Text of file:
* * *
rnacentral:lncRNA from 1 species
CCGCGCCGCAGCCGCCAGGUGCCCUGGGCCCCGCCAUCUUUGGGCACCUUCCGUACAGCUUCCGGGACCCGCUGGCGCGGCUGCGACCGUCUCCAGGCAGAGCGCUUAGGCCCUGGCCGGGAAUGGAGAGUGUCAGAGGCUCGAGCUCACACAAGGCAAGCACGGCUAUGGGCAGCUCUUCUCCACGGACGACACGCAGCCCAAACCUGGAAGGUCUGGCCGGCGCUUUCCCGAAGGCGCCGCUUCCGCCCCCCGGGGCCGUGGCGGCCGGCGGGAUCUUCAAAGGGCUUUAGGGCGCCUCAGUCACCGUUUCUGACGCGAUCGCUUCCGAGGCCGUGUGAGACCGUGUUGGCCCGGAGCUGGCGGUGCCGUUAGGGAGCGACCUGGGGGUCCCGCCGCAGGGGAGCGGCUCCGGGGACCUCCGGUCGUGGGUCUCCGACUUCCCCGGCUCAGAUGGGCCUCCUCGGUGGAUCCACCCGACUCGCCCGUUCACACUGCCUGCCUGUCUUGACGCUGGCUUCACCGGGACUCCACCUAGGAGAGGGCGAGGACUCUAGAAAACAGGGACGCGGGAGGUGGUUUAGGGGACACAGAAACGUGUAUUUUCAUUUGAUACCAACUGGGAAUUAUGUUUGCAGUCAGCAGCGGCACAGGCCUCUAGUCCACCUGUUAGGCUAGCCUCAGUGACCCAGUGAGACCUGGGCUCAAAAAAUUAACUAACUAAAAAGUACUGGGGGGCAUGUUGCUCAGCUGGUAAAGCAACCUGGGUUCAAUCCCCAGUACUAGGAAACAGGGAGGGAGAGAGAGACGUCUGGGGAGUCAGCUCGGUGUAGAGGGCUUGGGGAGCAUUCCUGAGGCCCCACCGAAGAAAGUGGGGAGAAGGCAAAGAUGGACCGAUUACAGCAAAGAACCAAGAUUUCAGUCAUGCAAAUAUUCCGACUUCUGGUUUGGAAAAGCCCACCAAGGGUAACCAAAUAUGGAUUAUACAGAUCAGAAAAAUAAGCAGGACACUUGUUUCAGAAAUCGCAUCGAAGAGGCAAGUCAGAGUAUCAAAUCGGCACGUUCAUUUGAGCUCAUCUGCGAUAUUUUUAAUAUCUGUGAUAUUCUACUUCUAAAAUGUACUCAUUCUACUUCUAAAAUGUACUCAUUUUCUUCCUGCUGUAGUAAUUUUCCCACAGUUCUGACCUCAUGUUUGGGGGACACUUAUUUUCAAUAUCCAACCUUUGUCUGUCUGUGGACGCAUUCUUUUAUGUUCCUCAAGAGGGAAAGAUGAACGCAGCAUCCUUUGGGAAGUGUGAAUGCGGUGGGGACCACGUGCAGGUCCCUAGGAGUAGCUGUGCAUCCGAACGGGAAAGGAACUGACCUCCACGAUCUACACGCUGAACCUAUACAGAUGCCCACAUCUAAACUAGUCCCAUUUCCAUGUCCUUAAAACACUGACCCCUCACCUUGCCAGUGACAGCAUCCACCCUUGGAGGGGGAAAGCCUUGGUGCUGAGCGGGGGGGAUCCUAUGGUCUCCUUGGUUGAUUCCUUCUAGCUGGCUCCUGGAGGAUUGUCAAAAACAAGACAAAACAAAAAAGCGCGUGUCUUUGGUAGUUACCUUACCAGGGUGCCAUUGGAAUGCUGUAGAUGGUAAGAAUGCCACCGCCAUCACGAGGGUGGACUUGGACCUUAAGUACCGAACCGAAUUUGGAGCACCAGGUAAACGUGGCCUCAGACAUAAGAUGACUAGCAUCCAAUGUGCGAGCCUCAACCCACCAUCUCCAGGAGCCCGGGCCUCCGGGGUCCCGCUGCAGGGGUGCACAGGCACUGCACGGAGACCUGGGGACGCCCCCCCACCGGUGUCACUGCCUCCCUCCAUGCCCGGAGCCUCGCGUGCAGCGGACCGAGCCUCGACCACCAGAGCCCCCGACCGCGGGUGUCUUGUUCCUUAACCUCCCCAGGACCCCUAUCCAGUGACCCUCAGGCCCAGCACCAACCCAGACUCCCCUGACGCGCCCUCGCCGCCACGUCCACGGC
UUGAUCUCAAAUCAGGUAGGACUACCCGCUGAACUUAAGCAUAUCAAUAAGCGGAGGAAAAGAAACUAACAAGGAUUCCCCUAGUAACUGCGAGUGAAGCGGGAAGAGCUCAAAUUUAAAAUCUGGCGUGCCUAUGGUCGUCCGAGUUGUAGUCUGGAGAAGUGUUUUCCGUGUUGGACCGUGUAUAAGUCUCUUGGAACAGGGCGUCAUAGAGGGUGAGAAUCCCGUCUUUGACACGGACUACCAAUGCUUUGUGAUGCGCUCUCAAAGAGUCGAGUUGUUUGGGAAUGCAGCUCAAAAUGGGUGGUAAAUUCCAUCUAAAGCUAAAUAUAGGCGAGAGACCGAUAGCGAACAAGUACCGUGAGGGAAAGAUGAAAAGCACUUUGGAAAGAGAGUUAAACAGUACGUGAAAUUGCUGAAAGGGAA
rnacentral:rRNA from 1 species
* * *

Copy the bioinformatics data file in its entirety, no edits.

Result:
rnacentral:lncRNA from 1 species
CCGCGCCGCAGCCGCCAGGUGCCCUGGGCCCCGCCAUCUUUGGGCACCUUCCGUACAGCUUCCGGGACCCGCUGGCGCGGCUGCGACCGUCUCCAGGCAGAGCGCUUAGGCCCUGGCCGGGAAUGGAGAGUGUCAGAGGCUCGAGCUCACACAAGGCAAGCACGGCUAUGGGCAGCUCUUCUCCACGGACGACACGCAGCCCAAACCUGGAAGGUCUGGCCGGCGCUUUCCCGAAGGCGCCGCUUCCGCCCCCCGGGGCCGUGGCGGCCGGCGGGAUCUUCAAAGGGCUUUAGGGCGCCUCAGUCACCGUUUCUGACGCGAUCGCUUCCGAGGCCGUGUGAGACCGUGUUGGCCCGGAGCUGGCGGUGCCGUUAGGGAGCGACCUGGGGGUCCCGCCGCAGGGGAGCGGCUCCGGGGACCUCCGGUCGUGGGUCUCCGACUUCCCCGGCUCAGAUGGGCCUCCUCGGUGGAUCCACCCGACUCGCCCGUUCACACUGCCUGCCUGUCUUGACGCUGGCUUCACCGGGACUCCACCUAGGAGAGGGCGAGGACUCUAGAAAACAGGGACGCGGGAGGUGGUUUAGGGGACACAGAAACGUGUAUUUUCAUUUGAUACCAACUGGGAAUUAUGUUUGCAGUCAGCAGCGGCACAGGCCUCUAGUCCACCUGUUAGGCUAGCCUCAGUGACCCAGUGAGACCUGGGCUCAAAAAAUUAACUAACUAAAAAGUACUGGGGGGCAUGUUGCUCAGCUGGUAAAGCAACCUGGGUUCAAUCCCCAGUACUAGGAAACAGGGAGGGAGAGAGAGACGUCUGGGGAGUCAGCUCGGUGUAGAGGGCUUGGGGAGCAUUCCUGAGGCCCCACCGAAGAAAGUGGGGAGAAGGCAAAGAUGGACCGAUUACAGCAAAGAACCAAGAUUUCAGUCAUGCAAAUAUUCCGACUUCUGGUUUGGAAAAGCCCACCAAGGGUAACCAAAUAUGGAUUAUACAGAUCAGAAAAAUAAGCAGGACACUUGUUUCAGAAAUCGCAUCGAAGAGGCAAGUCAGAGUAUCAAAUCGGCACGUUCAUUUGAGCUCAUCUGCGAUAUUUUUAAUAUCUGUGAUAUUCUACUUCUAAAAUGUACUCAUUCUACUUCUAAAAUGUACUCAUUUUCUUCCUGCUGUAGUAAUUUUCCCACAGUUCUGACCUCAUGUUUGGGGGACACUUAUUUUCAAUAUCCAACCUUUGUCUGUCUGUGGACGCAUUCUUUUAUGUUCCUCAAGAGGGAAAGAUGAACGCAGCAUCCUUUGGGAAGUGUGAAUGCGGUGGGGACCACGUGCAGGUCCCUAGGAGUAGCUGUGCAUCCGAACGGGAAAGGAACUGACCUCCACGAUCUACACGCUGAACCUAUACAGAUGCCCACAUCUAAACUAGUCCCAUUUCCAUGUCCUUAAAACACUGACCCCUCACCUUGCCAGUGACAGCAUCCACCCUUGGAGGGGGAAAGCCUUGGUGCUGAGCGGGGGGGAUCCUAUGGUCUCCUUGGUUGAUUCCUUCUAGCUGGCUCCUGGAGGAUUGUCAAAAACAAGACAAAACAAAAAAGCGCGUGUCUUUGGUAGUUACCUUACCAGGGUGCCAUUGGAAUGCUGUAGAUGGUAAGAAUGCCACCGCCAUCACGAGGGUGGACUUGGACCUUAAGUACCGAACCGAAUUUGGAGCACCAGGUAAACGUGGCCUCAGACAUAAGAUGACUAGCAUCCAAUGUGCGAGCCUCAACCCACCAUCUCCAGGAGCCCGGGCCUCCGGGGUCCCGCUGCAGGGGUGCACAGGCACUGCACGGAGACCUGGGGACGCCCCCCCACCGGUGUCACUGCCUCCCUCCAUGCCCGGAGCCUCGCGUGCAGCGGACCGAGCCUCGACCACCAGAGCCCCCGACCGCGGGUGUCUUGUUCCUUAACCUCCCCAGGACCCCUAUCCAGUGACCCUCAGGCCCAGCACCAACCCAGACUCCCCUGACGCGCCCUCGCCGCCACGUCCACGGC
UUGAUCUCAAAUCAGGUAGGACUACCCGCUGAACUUAAGCAUAUCAAUAAGCGGAGGAAAAGAAACUAACAAGGAUUCCCCUAGUAACUGCGAGUGAAGCGGGAAGAGCUCAAAUUUAAAAUCUGGCGUGCCUAUGGUCGUCCGAGUUGUAGUCUGGAGAAGUGUUUUCCGUGUUGGACCGUGUAUAAGUCUCUUGGAACAGGGCGUCAUAGAGGGUGAGAAUCCCGUCUUUGACACGGACUACCAAUGCUUUGUGAUGCGCUCUCAAAGAGUCGAGUUGUUUGGGAAUGCAGCUCAAAAUGGGUGGUAAAUUCCAUCUAAAGCUAAAUAUAGGCGAGAGACCGAUAGCGAACAAGUACCGUGAGGGAAAGAUGAAAAGCACUUUGGAAAGAGAGUUAAACAGUACGUGAAAUUGCUGAAAGGGAA
rnacentral:rRNA from 1 species